March 11, 2008 · Lessig
At the Stanford “Legal Futures” conference last weekend, I joined a panel with author Andrew Keen titled “The Future of Professional Media.” I hadn’t planned to be on a panel with Andrew, but the conference had a FOO structure, and when I left the night before, he was the only one on the panel. Being a good host, I signed up so he wouldn’t be alone (smile…).
As I’ve written here before, I’ve always been unsure about whether Keen is a know-nothing, or the greatest self-parodist of our time. For while his book, The Cult of the Amateur, is a tirade against “amateur culture” — ridiculing its sloppiness, errors, and lack of standards — the book itself is riddled with sloppy, basic errors that betray either an oblivious author or a publisher without standards. And thus the self-parody: demonstrating “professional” media can be as bad as the bad of the “amateur” media.
People who knew Keen, however, told me my self-parody theory was bunk. That Keen wasn’t a brilliant anything; that his book was simply sloppy. Yet his latest missive again makes me wonder — are we all just missing the extraordinary comic genius in this failed Internet entrepreneur?
Here’s the clue: My criticism of Keen’s book Saturday tracked the criticism above. I read a series of quotes from the book to support my claim that the book was full of simple, basic errors. Among the passages I quoted was this:
In a twisted kind of Alice in Wonderland, down-the-rabbit-hole logic, Silicon Valley visionaries such as Stanford law professor and Creative Commons founder Lawrence Lessig and cyberpunk William Gibson laud the appropriation of intellectual property.
I asked Keen if he had ever read anything I had written. He said he had. I asked him to name one instance where I had ever “laud[ed] the appropriation of intellectual property.” He sat silently. I pressed. He had no answer. He could name no instance of my “laud[ing] the appropriation of intellectual property” because that’s not my schtick. Indeed, as I repeatedly insisted in Free Culture (see pages 10, 18, 62, 63, 64, 65, 66, 139, 255), what others call “piracy” I was emphatically not writing to defend. Indeed, I criticized it as “wrong.”
Now whether mine is a sensible view or not, or a view consistent with the Free Culture Movement or not, is an argument had on this page many times. But the Keen-relevant point is that my claim was a claim about a fact. He alleges I “laud the appropriation of intellectual property.” I claim I do not. That’s a true/false claim. And so in the tradition of the professional truth-seeker, so threatened, Keen believes, by the wisdom-of-the-crowds Internet, one would think that the disagreement would be resolved by someone actually reading something, or at least providing some citation. No doubt it was unfair to call Keen out on stage. He didn’t come with his notes. Why would I expect him to be able to identify anything in my work at all? But after the conference, perhaps. Maybe then Keen could defend the assertion that I flatly denied.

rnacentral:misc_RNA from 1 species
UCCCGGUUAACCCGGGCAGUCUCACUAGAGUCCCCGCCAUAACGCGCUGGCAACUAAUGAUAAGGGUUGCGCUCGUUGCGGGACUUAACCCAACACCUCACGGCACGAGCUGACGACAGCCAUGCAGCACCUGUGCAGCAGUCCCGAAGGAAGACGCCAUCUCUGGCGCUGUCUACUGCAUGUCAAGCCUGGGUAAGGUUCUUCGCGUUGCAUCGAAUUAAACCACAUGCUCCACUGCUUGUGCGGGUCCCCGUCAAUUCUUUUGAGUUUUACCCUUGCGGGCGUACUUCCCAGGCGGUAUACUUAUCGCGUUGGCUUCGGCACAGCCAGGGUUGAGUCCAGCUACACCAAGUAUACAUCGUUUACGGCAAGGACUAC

And indeed, he now has — but the interesting (self-parody point) is how.
In a blog post, Keen again charges me with lauding the appropriation of intellectual property. But what’s the source for his renewed charge? Did Keen go back to the books? Or back to his notes? Does he offer a quote, or a passage to exemplify this defining feature of my work?
No. The truth of this matter for Keen is resolved by asking a bunch of people at the conference whether in fact I “laud the appropriation of intellectual property.” They said I did. And that resolves it for Keen.
That’s right: the truth comes from the wisdom of the crowd. These unnamed sources confirm it for Keen. And that’s all the confirmation he needs. No need to actually read anything. The crowds have spoken. And now this “professional” trusts the crowds.
I have no doubt that many believe I “laud the appropriation of intellectual property.” That’s in part because people like Keen say I do, and on balance because most people (sensibly) have better things to do than to struggle through the turgid prose of an academic.
But the relevant point here is this: any author who aspired to the high standards that Keen is so keen to laud would suss the truth of this matter the old fashioned way — by reading a book (or two). Were Keen to do that, he’d see that most of the wry humor in his blog post misses the mark because I don’t in fact hold the views that he holds me up to (I have nothing against professional media content; I love Hollywood movies; and I have never doubted the significance of professional media: my praise of amateurs is not a criticism of the professional). What his writing instead demonstrates is something only the most cynical would believe — that the aim of this “professional” writer (and his publisher) has little to do with the truth, much more to do with selling books.
Good luck in that, Andrew.